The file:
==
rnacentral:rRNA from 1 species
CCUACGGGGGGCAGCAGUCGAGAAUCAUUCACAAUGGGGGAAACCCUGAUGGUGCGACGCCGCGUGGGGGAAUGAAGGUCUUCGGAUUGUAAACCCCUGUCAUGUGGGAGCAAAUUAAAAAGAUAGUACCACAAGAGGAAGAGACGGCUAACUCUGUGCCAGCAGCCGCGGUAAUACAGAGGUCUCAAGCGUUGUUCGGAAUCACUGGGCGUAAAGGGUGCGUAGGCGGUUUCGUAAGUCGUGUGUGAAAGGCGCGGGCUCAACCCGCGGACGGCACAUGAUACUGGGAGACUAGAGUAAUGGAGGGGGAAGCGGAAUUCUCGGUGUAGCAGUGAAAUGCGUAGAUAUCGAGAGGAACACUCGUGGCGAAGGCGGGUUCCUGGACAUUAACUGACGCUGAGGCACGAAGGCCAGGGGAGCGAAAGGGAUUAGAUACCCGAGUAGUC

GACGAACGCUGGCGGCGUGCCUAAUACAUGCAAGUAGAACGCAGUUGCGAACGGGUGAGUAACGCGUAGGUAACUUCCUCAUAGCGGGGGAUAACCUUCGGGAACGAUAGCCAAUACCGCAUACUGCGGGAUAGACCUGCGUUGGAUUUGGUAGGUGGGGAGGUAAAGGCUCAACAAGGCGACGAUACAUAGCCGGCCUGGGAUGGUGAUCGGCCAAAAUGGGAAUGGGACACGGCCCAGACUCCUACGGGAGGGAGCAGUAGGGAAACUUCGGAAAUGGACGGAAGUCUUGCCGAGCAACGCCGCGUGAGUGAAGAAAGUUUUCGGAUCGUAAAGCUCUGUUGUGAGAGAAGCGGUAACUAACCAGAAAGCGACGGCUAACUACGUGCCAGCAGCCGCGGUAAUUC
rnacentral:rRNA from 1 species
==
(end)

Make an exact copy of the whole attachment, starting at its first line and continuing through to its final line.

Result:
rnacentral:rRNA from 1 species
CCUACGGGGGGCAGCAGUCGAGAAUCAUUCACAAUGGGGGAAACCCUGAUGGUGCGACGCCGCGUGGGGGAAUGAAGGUCUUCGGAUUGUAAACCCCUGUCAUGUGGGAGCAAAUUAAAAAGAUAGUACCACAAGAGGAAGAGACGGCUAACUCUGUGCCAGCAGCCGCGGUAAUACAGAGGUCUCAAGCGUUGUUCGGAAUCACUGGGCGUAAAGGGUGCGUAGGCGGUUUCGUAAGUCGUGUGUGAAAGGCGCGGGCUCAACCCGCGGACGGCACAUGAUACUGGGAGACUAGAGUAAUGGAGGGGGAAGCGGAAUUCUCGGUGUAGCAGUGAAAUGCGUAGAUAUCGAGAGGAACACUCGUGGCGAAGGCGGGUUCCUGGACAUUAACUGACGCUGAGGCACGAAGGCCAGGGGAGCGAAAGGGAUUAGAUACCCGAGUAGUC

GACGAACGCUGGCGGCGUGCCUAAUACAUGCAAGUAGAACGCAGUUGCGAACGGGUGAGUAACGCGUAGGUAACUUCCUCAUAGCGGGGGAUAACCUUCGGGAACGAUAGCCAAUACCGCAUACUGCGGGAUAGACCUGCGUUGGAUUUGGUAGGUGGGGAGGUAAAGGCUCAACAAGGCGACGAUACAUAGCCGGCCUGGGAUGGUGAUCGGCCAAAAUGGGAAUGGGACACGGCCCAGACUCCUACGGGAGGGAGCAGUAGGGAAACUUCGGAAAUGGACGGAAGUCUUGCCGAGCAACGCCGCGUGAGUGAAGAAAGUUUUCGGAUCGUAAAGCUCUGUUGUGAGAGAAGCGGUAACUAACCAGAAAGCGACGGCUAACUACGUGCCAGCAGCCGCGGUAAUUC
rnacentral:rRNA from 1 species